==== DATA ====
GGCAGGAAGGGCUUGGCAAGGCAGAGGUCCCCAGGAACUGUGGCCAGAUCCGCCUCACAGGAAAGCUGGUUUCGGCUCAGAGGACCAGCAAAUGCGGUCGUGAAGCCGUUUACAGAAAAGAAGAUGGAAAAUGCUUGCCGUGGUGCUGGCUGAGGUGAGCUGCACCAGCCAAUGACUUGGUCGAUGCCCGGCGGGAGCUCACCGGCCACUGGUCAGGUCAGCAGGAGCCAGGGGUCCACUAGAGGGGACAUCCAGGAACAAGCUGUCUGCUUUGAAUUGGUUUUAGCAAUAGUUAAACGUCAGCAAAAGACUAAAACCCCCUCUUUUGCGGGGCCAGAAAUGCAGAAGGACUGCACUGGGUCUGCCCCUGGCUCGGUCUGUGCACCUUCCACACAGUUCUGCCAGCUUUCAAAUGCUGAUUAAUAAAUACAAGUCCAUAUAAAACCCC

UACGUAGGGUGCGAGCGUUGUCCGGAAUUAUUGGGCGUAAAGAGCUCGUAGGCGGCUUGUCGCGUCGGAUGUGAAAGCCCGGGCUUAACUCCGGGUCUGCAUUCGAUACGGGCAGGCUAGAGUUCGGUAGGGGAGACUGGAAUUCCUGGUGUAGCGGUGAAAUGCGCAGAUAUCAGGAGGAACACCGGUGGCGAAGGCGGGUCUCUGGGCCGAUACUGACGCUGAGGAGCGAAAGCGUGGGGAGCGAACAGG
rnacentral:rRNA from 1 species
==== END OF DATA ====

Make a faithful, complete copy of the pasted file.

GGCAGGAAGGGCUUGGCAAGGCAGAGGUCCCCAGGAACUGUGGCCAGAUCCGCCUCACAGGAAAGCUGGUUUCGGCUCAGAGGACCAGCAAAUGCGGUCGUGAAGCCGUUUACAGAAAAGAAGAUGGAAAAUGCUUGCCGUGGUGCUGGCUGAGGUGAGCUGCACCAGCCAAUGACUUGGUCGAUGCCCGGCGGGAGCUCACCGGCCACUGGUCAGGUCAGCAGGAGCCAGGGGUCCACUAGAGGGGACAUCCAGGAACAAGCUGUCUGCUUUGAAUUGGUUUUAGCAAUAGUUAAACGUCAGCAAAAGACUAAAACCCCCUCUUUUGCGGGGCCAGAAAUGCAGAAGGACUGCACUGGGUCUGCCCCUGGCUCGGUCUGUGCACCUUCCACACAGUUCUGCCAGCUUUCAAAUGCUGAUUAAUAAAUACAAGUCCAUAUAAAACCCC

UACGUAGGGUGCGAGCGUUGUCCGGAAUUAUUGGGCGUAAAGAGCUCGUAGGCGGCUUGUCGCGUCGGAUGUGAAAGCCCGGGCUUAACUCCGGGUCUGCAUUCGAUACGGGCAGGCUAGAGUUCGGUAGGGGAGACUGGAAUUCCUGGUGUAGCGGUGAAAUGCGCAGAUAUCAGGAGGAACACCGGUGGCGAAGGCGGGUCUCUGGGCCGAUACUGACGCUGAGGAGCGAAAGCGUGGGGAGCGAACAGG
rnacentral:rRNA from 1 species